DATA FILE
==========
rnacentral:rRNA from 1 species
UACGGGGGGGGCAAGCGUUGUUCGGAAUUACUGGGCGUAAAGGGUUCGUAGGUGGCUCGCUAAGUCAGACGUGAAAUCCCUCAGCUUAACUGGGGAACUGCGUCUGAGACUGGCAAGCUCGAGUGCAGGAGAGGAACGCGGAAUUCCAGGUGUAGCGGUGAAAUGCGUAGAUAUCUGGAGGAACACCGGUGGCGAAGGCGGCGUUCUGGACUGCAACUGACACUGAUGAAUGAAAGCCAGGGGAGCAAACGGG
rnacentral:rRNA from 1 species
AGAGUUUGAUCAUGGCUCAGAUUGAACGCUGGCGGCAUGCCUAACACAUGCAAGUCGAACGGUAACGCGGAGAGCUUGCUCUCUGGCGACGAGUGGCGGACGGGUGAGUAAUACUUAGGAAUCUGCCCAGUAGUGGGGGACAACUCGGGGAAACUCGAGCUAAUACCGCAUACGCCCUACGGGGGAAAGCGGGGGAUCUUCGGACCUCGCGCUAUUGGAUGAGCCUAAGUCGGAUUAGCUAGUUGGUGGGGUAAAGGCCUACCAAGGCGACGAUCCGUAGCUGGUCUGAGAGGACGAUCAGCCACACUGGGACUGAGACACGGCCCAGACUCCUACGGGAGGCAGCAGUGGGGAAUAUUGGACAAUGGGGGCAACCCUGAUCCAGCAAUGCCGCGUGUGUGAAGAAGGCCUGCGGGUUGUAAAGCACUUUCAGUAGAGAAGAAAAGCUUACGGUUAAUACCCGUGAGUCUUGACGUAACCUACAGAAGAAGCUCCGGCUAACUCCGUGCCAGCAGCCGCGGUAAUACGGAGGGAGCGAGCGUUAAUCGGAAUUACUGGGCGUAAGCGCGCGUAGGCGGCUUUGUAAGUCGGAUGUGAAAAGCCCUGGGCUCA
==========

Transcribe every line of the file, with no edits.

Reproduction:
rnacentral:rRNA from 1 species
UACGGGGGGGGCAAGCGUUGUUCGGAAUUACUGGGCGUAAAGGGUUCGUAGGUGGCUCGCUAAGUCAGACGUGAAAUCCCUCAGCUUAACUGGGGAACUGCGUCUGAGACUGGCAAGCUCGAGUGCAGGAGAGGAACGCGGAAUUCCAGGUGUAGCGGUGAAAUGCGUAGAUAUCUGGAGGAACACCGGUGGCGAAGGCGGCGUUCUGGACUGCAACUGACACUGAUGAAUGAAAGCCAGGGGAGCAAACGGG
rnacentral:rRNA from 1 species
AGAGUUUGAUCAUGGCUCAGAUUGAACGCUGGCGGCAUGCCUAACACAUGCAAGUCGAACGGUAACGCGGAGAGCUUGCUCUCUGGCGACGAGUGGCGGACGGGUGAGUAAUACUUAGGAAUCUGCCCAGUAGUGGGGGACAACUCGGGGAAACUCGAGCUAAUACCGCAUACGCCCUACGGGGGAAAGCGGGGGAUCUUCGGACCUCGCGCUAUUGGAUGAGCCUAAGUCGGAUUAGCUAGUUGGUGGGGUAAAGGCCUACCAAGGCGACGAUCCGUAGCUGGUCUGAGAGGACGAUCAGCCACACUGGGACUGAGACACGGCCCAGACUCCUACGGGAGGCAGCAGUGGGGAAUAUUGGACAAUGGGGGCAACCCUGAUCCAGCAAUGCCGCGUGUGUGAAGAAGGCCUGCGGGUUGUAAAGCACUUUCAGUAGAGAAGAAAAGCUUACGGUUAAUACCCGUGAGUCUUGACGUAACCUACAGAAGAAGCUCCGGCUAACUCCGUGCCAGCAGCCGCGGUAAUACGGAGGGAGCGAGCGUUAAUCGGAAUUACUGGGCGUAAGCGCGCGUAGGCGGCUUUGUAAGUCGGAUGUGAAAAGCCCUGGGCUCA